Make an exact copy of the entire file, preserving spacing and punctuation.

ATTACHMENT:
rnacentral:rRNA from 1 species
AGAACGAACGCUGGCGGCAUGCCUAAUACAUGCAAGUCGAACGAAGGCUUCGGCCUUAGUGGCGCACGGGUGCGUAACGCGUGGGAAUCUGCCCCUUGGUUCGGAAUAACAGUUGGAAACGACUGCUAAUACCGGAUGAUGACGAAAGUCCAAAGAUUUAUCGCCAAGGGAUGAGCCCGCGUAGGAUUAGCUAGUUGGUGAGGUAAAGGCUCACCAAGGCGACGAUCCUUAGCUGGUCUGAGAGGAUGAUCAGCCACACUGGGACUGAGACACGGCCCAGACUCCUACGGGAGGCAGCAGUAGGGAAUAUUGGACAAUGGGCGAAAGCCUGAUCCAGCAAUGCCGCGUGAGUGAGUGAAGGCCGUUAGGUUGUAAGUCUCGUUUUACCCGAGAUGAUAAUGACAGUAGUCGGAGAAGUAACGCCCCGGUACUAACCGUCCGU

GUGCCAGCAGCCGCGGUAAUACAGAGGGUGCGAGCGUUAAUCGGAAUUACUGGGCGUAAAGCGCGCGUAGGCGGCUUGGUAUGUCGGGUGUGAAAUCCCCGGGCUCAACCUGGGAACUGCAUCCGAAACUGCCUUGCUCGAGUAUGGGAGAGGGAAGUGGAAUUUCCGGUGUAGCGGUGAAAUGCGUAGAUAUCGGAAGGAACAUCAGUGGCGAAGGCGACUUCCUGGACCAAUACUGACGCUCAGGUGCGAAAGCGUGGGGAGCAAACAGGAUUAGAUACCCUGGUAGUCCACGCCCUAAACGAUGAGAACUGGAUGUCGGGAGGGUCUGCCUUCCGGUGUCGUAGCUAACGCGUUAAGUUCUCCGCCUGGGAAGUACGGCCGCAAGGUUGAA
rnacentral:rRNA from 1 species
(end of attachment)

rnacentral:rRNA from 1 species
AGAACGAACGCUGGCGGCAUGCCUAAUACAUGCAAGUCGAACGAAGGCUUCGGCCUUAGUGGCGCACGGGUGCGUAACGCGUGGGAAUCUGCCCCUUGGUUCGGAAUAACAGUUGGAAACGACUGCUAAUACCGGAUGAUGACGAAAGUCCAAAGAUUUAUCGCCAAGGGAUGAGCCCGCGUAGGAUUAGCUAGUUGGUGAGGUAAAGGCUCACCAAGGCGACGAUCCUUAGCUGGUCUGAGAGGAUGAUCAGCCACACUGGGACUGAGACACGGCCCAGACUCCUACGGGAGGCAGCAGUAGGGAAUAUUGGACAAUGGGCGAAAGCCUGAUCCAGCAAUGCCGCGUGAGUGAGUGAAGGCCGUUAGGUUGUAAGUCUCGUUUUACCCGAGAUGAUAAUGACAGUAGUCGGAGAAGUAACGCCCCGGUACUAACCGUCCGU

GUGCCAGCAGCCGCGGUAAUACAGAGGGUGCGAGCGUUAAUCGGAAUUACUGGGCGUAAAGCGCGCGUAGGCGGCUUGGUAUGUCGGGUGUGAAAUCCCCGGGCUCAACCUGGGAACUGCAUCCGAAACUGCCUUGCUCGAGUAUGGGAGAGGGAAGUGGAAUUUCCGGUGUAGCGGUGAAAUGCGUAGAUAUCGGAAGGAACAUCAGUGGCGAAGGCGACUUCCUGGACCAAUACUGACGCUCAGGUGCGAAAGCGUGGGGAGCAAACAGGAUUAGAUACCCUGGUAGUCCACGCCCUAAACGAUGAGAACUGGAUGUCGGGAGGGUCUGCCUUCCGGUGUCGUAGCUAACGCGUUAAGUUCUCCGCCUGGGAAGUACGGCCGCAAGGUUGAA
rnacentral:rRNA from 1 species